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A Healthy Heart

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Photo by Jamie Street on Unsplash

Over a lifetime the heart beats about 2.5 billion times, sending blood to every part of the body. When the heart stops, essential functions fail, some almost instantly. Given the heart’s never-ending workload, it’s a wonder it performs so well, for so long, for so many people. But it can also fail, brought down by a poor diet and lack of exercise, smoking, infection, unlucky genes, and more.

Although many people develop some form of cardiovascular disease or heart disease (a catch-all term for all of the diseases affecting the heart and blood vessels) as they get older, it isn’t inevitable. A healthy lifestyle, especially when started at a young age, goes a long way in prevention.

The risk of heart disease increases around the age of 55 in women and 45 in men. But what actually causes heart attacks?

But first, let’s establish some facts.

The Centers for Disease Control states:

  • About 610,000 people die of heart disease in the United States every year – that’s 1 in every 4 deaths.
  • Coronary heart disease (CHD) is the most common type of heart disease, killing over 370,000 people annually.
  • Every year about 735,000 Americans have a heart attack. Of these, 525,000 are a first heart attack, with the other 210,000 happening in people who have already had a heart attack.

The numbers listed above are staggering and it’s safe to say the results are alarmingly impactful around the globe. Digging beneath the surface, what actually causes heart disease and heart attacks?

Research indicates that there are several risk factors that play an important role in determining whether or not you’re likely to develop heart disease in your lifetime. Unfortunately, age and heredity are two of these factors that are out of your control. The risk of heart disease increases around the age of 55 in women and 45 in men. Your risk may also end up being even greater if you have close family members who have a history of heart disease.

Side note: Did you know that heart disease and stroke are the leading cause of death among women globally?

A heart attack occurs when one or more of your coronary arteries become blocked. A coronary artery can narrow over a period of time from the buildup of various substances, including cholesterol (atherosclerosis). This condition is known as coronary artery disease (CHD) and is what causes most heart attacks and doubles the likelihood of stroke. Sometimes these plaque build ups can break apart causing a blockage that leads to heart attack or stroke.

Risk factors for heart disease include:

  • obesity
  • high blood pressure and cholesterol
  • insulin resistance or diabetes
  • being physically inactive
  • eating an unhealthy diet
  • smoking
  • clinical depression

What can you do about it?

Although the risk of developing heart disease in the future is far greater in the world we live in today, here are some things you can do to help put up a fight, prevent heart disease and up your chances at leading a longer and healthier life!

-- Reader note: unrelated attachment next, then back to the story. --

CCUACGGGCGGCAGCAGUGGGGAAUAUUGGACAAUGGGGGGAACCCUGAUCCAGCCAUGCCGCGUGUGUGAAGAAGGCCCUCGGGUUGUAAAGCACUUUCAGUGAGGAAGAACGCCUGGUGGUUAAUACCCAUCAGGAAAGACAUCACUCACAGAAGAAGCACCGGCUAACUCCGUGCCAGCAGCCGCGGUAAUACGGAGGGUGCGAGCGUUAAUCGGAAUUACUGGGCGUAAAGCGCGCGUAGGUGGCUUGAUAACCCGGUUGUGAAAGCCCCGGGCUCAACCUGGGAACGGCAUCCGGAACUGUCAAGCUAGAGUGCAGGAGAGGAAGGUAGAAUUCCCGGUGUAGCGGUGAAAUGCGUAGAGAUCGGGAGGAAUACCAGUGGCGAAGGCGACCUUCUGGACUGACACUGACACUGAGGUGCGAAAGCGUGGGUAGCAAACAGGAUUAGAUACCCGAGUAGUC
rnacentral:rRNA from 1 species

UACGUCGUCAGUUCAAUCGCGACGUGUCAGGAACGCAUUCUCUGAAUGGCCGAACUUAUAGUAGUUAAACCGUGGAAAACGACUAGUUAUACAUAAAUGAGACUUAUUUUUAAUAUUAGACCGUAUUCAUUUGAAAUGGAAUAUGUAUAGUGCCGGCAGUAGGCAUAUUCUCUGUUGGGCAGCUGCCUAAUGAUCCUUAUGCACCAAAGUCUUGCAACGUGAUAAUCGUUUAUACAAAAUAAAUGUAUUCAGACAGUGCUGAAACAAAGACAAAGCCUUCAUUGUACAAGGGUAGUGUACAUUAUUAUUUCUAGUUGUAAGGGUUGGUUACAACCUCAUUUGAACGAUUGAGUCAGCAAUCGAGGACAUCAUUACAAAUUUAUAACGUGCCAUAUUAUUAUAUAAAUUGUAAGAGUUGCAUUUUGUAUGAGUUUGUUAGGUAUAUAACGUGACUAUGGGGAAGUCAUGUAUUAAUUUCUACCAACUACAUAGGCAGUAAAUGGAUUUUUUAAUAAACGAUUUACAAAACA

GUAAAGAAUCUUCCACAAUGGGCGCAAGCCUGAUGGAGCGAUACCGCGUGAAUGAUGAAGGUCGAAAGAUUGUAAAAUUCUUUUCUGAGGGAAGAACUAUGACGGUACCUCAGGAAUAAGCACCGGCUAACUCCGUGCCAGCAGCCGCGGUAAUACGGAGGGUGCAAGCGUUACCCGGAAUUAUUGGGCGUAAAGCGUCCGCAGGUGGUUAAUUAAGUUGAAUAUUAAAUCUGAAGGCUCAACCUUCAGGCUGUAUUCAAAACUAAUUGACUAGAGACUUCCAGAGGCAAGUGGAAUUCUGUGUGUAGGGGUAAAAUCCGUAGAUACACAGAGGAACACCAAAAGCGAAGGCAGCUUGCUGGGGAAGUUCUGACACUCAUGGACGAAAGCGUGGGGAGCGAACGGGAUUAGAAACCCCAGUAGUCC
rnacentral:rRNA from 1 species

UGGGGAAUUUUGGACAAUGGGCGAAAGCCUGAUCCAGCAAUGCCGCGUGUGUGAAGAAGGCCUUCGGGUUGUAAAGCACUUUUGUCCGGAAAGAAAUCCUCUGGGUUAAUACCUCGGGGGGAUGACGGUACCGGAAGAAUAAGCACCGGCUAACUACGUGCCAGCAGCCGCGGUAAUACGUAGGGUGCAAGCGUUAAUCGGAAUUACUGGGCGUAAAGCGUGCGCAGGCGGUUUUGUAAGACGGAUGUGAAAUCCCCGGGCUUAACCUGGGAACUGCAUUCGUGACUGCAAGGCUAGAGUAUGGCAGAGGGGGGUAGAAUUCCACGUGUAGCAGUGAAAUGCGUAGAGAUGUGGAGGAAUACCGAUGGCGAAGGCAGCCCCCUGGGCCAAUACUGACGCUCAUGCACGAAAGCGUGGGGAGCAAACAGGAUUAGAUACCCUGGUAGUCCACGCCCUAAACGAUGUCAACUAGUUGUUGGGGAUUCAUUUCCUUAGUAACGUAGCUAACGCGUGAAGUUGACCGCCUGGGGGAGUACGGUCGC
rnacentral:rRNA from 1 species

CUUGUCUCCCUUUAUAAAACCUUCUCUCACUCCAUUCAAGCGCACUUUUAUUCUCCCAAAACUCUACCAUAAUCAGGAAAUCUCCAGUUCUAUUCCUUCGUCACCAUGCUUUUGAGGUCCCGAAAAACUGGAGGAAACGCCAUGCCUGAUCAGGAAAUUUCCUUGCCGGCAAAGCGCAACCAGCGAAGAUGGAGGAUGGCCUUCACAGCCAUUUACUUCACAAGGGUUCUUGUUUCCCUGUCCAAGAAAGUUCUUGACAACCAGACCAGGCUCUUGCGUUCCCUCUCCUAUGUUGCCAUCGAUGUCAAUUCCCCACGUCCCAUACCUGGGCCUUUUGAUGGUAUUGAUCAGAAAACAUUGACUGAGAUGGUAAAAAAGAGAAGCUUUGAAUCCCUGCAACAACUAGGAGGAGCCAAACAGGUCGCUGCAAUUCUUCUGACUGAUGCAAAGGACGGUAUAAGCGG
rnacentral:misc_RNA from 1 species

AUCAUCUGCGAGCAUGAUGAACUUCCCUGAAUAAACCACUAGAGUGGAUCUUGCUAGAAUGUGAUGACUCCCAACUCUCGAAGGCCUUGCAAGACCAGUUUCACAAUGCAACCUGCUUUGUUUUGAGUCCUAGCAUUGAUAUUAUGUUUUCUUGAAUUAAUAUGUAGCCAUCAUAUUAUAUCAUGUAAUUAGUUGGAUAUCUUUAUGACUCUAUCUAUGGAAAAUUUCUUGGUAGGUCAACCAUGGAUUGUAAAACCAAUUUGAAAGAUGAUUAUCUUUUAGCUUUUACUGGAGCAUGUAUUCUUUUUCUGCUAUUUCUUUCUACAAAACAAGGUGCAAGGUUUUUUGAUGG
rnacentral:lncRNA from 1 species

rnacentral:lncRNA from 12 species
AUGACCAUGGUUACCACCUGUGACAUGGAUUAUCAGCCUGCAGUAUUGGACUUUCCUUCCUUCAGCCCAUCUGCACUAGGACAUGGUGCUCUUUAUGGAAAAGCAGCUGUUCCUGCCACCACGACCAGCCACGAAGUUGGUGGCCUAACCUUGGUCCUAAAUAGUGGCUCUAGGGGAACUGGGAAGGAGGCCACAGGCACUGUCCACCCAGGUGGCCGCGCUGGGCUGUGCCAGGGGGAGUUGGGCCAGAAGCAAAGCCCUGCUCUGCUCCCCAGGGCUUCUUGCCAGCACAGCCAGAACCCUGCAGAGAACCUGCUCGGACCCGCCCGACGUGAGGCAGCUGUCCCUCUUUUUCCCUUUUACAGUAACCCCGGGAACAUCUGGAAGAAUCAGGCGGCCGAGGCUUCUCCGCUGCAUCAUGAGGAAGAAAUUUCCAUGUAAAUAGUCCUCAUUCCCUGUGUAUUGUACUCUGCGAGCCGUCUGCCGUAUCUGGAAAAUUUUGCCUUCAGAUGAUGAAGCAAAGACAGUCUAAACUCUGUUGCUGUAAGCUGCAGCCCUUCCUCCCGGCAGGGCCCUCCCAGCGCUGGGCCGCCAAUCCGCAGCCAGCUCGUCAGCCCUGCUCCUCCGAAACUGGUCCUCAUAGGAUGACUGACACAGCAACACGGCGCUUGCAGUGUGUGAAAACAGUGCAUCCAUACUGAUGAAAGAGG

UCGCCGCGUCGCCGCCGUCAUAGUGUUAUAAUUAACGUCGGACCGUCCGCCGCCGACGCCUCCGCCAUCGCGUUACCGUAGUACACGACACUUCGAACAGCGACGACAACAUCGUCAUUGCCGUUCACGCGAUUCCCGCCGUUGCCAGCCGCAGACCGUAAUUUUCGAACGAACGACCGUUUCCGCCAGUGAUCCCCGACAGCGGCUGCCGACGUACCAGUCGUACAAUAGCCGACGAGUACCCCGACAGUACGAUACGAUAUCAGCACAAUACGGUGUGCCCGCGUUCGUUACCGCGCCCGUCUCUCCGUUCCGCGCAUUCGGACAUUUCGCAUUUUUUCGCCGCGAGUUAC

Practice healthy living habits

  • Eat a healthy diet. Fuel your body with a daily diet that consists of higher protein rich foods and moderate your fat/calorie intake. When eating carbohydrates be aware that there are good carbs and bad and you will find carbohydrates in most foods you eat. Be selective and do some research on eating a well-balanced and healthy diet.
  • Maintain a healthy weight. A healthy weight does not always mean the number on the scale. Muscle essentially weight more than fat. Pay attention to other numbers too, such as your pant size or inches you are losing off your body.
  • Incorporate daily physical activity. Exercise has been proven to lower blood pressure, lower cholesterol, maintain weight, strengthen muscles, reduce stress level, reduce inflammation, and can even help you quit smoking. Research has shown that when combined with strength training, regular aerobic exercise such as cycling, brisk walking, or swimming can reduce the risk of diabetes. It is recommended that a daily dose of exercise for a minimum of 30 minutes (although an hour a day of various physical activity would be better). If 7 days a week is more than what your schedule allows, lower the bar some and shoot for 4-5 days a week.

Prevent or treat medical conditions

  • Schedule routine checkups. Scheduling regular routine checkups with your health care provider is important. The staff at the Southern Humboldt Community Clinic are well educated, trained, and prepared to help you.
  •  Communicate. It’s crucial to communicate with your practitioner about concerns or symptoms you are experiencing. By giving clear details and information, it helps lead our staff in the right direction so they can tackle the problem more efficiently and accurately.
  • Educate yourself. If there is an option for prevention of a medical condition or you have recently been diagnosed with one, always listen to your health care provider and educated yourself. Knowledge is power and the more you learn the better off you will be.

If you are experiencing symptoms or have concerns with your heart and the cardiovascular health, don’t hesitate to make an appointment with a provider at the SoHum Health Community Clinic where there are often same or next day appointments available, 707-923-3921.

Coach Jenny Early, submitted on behalf of the SoHum Health’s Outreach department.